Give the Recruiting Keys to Your Child

The college recruiting process is an exciting time for a high school student-athlete, its a journey full of adventure. It’s important that the student-athlete is looking for the “right fit” for them and nobody else. That does not mean the parents are not a part of this journey with their child. The parents should focus on what is right for their son or daughter, academically, athletically, and personally. Parents should not push their kids in a direction or to a school they will not be a good fit for academically, athletically, or personally. Parents should help their kids look at the big picture when it comes to looking at colleges. Remember, it is important to understand that college coaches are recruiting your child not you. However, college coaches don’t want to recruit a student who has overbearing parents also known as helicopter parents. Let your child drive the car in the recruiting process. They will be the ones on campus going to classes, eating in the cafeteria, practicing, and spending time in the dorms. Here are some helpful tips for parents as they begin the recruiting process with their son or daughter.

  • Don’t contact the college coach on your child’s behalf that’s an immediate sign to a coach that parents are over involved. Generally, most college coaches can recognize an email written from a teenager to an adult. Over the years, there have been many instances where a college coach has not recruited a student-athlete because of his/her parents. Don’t be that parent! As parents of a child who aspires to play in college you should provide them with guidance and support.
  • Parents should be respectful of their son or daughters’ ownership of the college search process. It is the student who will spend the years on the college campus, and therefore, the decision must ultimately be theirs. The college decision is one of the biggest decisions a teenager will make, and that is why I believe it is the first step to becoming an adult. Students can gain decision making skills, improve their self-confidence, and develop perseverance which will help them throughout the rest of their lives.
  • You should be realistic regarding your child’s abilities and talents. While each student is special and has unique qualities, it is difficult for a parent to be entirely objective about one’s own child. Remember that college athletics is extremely competitive and there are many talented young athletes who are looking for the same opportunities as your son or daughter. There is a school out there that will fit your child’s athletic, academic, and personal needs, and you need to help them find it.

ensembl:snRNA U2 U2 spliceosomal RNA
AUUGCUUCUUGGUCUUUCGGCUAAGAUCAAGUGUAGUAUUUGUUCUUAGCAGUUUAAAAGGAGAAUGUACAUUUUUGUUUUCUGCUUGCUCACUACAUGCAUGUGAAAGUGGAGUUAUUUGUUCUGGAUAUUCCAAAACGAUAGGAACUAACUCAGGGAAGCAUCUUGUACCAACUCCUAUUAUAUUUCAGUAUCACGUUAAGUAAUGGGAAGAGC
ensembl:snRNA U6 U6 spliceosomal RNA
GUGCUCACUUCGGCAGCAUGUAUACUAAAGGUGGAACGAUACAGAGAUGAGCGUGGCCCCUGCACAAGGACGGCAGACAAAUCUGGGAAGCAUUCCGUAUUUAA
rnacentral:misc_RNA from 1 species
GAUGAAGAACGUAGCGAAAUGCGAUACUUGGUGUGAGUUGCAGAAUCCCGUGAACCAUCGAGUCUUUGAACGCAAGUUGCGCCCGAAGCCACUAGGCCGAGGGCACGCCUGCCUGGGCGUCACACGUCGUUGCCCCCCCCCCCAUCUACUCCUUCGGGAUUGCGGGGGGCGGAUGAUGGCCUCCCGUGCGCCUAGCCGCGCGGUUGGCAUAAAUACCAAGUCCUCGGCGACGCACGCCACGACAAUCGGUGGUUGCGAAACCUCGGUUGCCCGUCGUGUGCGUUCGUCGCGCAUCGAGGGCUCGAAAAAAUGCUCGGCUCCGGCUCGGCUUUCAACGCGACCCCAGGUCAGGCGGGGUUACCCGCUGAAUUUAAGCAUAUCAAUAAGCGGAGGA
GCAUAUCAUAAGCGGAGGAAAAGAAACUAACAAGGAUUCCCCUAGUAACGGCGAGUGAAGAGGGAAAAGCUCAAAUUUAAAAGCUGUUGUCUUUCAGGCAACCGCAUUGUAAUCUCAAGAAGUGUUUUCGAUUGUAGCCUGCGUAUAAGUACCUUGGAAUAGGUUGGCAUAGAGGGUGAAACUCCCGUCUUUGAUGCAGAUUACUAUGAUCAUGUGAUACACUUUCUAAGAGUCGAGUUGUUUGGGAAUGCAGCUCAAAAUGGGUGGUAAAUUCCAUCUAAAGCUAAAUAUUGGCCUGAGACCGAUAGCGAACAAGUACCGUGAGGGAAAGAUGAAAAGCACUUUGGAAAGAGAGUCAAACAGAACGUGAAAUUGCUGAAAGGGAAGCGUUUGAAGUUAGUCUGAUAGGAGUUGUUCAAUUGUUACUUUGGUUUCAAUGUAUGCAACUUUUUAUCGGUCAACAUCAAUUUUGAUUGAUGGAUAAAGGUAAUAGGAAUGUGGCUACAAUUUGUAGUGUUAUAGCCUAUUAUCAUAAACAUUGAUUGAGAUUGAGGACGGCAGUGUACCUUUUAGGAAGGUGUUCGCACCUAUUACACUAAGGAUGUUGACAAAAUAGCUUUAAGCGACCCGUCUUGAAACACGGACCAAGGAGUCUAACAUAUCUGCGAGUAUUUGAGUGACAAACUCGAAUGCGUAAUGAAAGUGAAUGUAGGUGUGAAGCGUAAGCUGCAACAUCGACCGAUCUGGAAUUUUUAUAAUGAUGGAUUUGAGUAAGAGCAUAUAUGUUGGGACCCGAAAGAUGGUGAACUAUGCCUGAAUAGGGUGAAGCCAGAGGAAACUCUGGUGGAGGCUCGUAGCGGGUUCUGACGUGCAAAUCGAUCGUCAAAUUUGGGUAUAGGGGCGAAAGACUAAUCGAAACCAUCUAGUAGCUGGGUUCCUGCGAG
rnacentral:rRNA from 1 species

• You need to give your son or daughter the benefit of your wisdom and your experience, and tell your child “up front” if there will be restrictions (financial or otherwise) on his/her college options. Your kids want and need your help throughout the process but they do not need to be overwhelmed with your impressions and ideas. Be available to help when help is solicited.
    Parents can be very useful with the logistical aspects of the college search process. They can help make travel arrangements to campuses, schedule college interviews, and schedule testing. Parents can help to ensure that critical deadlines are met.
  • Be supportive of your child’s aspirations, but encourage him/her to be realistic. Help him/her to select the “best” college choices, not necessarily the “top-name” or most prestigious institution.
  • You should prepare your child to be independent beings. Encourage time away from home where your child must be self-reliant. Help establish a checking account so they can learn to manage their own money.
  • Realize that the college admissions process is a highly stressful time for the students as well as you the parents. Take each part of the process one step at a time, and remember that help is always readily available.

The college recruiting process is the pinnacle of all of time, effort, commitment, and sacrifice that both the student and parents have put in over the years. So, it only makes sense that this journey is for both the student and parent. Enjoy the adventure. Be sure to explore all of your options so that you can make informed decisions. Do your homework and seek out the appropriate help to find the answers you need. It is your child’s future. They are worth it.


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